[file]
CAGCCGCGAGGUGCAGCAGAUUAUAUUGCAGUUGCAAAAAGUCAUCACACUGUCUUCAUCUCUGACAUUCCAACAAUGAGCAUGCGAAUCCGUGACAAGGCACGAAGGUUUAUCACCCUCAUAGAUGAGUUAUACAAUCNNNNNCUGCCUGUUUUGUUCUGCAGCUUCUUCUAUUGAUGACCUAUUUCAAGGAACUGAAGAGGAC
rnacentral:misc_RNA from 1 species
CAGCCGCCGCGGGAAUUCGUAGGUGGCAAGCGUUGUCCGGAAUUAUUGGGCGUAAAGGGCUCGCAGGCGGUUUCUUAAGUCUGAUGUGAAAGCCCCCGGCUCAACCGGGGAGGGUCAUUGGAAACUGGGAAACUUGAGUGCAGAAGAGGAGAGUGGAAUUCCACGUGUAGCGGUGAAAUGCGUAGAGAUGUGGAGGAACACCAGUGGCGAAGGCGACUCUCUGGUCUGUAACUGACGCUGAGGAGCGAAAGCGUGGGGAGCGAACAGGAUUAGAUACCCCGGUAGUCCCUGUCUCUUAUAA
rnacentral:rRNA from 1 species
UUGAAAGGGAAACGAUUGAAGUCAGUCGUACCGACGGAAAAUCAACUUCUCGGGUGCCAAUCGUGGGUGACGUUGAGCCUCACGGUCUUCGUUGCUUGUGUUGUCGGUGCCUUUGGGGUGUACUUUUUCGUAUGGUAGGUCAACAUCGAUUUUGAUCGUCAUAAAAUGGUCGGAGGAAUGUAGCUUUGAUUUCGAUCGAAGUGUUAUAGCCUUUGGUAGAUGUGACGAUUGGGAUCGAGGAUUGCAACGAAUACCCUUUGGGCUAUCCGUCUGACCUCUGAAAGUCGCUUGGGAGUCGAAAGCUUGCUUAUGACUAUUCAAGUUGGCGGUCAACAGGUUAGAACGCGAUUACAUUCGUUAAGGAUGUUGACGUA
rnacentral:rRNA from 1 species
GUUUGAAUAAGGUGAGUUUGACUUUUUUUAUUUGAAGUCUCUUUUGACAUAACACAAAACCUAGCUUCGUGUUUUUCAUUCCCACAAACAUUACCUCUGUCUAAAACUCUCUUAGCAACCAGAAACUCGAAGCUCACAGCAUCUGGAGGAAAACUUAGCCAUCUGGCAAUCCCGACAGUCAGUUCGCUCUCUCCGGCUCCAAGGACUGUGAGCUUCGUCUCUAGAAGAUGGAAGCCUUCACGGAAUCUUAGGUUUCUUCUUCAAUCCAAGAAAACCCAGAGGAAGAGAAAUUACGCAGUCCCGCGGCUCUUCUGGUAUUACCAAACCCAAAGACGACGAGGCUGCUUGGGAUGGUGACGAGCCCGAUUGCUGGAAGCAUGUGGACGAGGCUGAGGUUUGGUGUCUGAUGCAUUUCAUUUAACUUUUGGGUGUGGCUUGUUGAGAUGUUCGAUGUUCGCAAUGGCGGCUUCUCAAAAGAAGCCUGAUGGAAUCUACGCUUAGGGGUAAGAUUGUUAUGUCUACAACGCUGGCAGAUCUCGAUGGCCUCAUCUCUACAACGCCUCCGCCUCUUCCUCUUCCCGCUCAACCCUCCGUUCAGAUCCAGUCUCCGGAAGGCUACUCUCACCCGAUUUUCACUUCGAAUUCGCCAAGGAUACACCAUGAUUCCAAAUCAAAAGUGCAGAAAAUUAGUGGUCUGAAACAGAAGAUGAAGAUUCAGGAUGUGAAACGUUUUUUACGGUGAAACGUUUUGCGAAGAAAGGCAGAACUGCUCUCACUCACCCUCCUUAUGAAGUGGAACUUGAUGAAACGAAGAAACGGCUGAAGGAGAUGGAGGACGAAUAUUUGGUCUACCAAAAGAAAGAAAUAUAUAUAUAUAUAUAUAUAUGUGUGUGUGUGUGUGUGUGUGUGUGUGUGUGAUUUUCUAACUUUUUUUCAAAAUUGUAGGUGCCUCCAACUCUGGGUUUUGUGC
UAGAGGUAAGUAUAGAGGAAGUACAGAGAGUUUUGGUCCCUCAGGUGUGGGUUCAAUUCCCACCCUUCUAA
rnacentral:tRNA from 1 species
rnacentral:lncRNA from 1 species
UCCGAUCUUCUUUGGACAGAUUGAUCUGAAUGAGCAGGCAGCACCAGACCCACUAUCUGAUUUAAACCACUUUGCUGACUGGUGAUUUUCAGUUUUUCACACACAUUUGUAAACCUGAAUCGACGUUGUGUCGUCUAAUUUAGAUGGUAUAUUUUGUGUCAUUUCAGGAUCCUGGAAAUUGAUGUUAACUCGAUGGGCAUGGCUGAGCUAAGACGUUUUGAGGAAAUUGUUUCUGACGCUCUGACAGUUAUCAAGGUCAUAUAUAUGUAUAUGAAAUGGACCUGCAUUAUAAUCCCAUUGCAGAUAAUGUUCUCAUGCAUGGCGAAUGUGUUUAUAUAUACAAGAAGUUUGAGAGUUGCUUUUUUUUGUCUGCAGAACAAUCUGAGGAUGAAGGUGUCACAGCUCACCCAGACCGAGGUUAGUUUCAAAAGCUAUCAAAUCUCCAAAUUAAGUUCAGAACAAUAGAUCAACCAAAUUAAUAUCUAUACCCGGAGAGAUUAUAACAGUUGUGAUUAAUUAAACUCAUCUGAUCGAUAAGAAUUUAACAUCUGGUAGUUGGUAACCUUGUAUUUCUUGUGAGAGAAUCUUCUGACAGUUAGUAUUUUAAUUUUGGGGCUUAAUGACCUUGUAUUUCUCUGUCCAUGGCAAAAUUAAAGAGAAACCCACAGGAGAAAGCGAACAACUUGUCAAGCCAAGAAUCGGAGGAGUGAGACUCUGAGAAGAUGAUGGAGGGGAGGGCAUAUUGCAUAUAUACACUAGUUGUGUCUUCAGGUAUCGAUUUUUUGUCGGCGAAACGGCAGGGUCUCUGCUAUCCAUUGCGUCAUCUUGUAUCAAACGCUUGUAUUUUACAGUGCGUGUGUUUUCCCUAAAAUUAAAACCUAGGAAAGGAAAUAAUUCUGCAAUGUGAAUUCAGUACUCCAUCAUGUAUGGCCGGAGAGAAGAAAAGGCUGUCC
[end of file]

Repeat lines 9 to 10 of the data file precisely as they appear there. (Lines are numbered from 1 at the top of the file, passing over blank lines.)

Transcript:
rnacentral:tRNA from 1 species
rnacentral:lncRNA from 1 species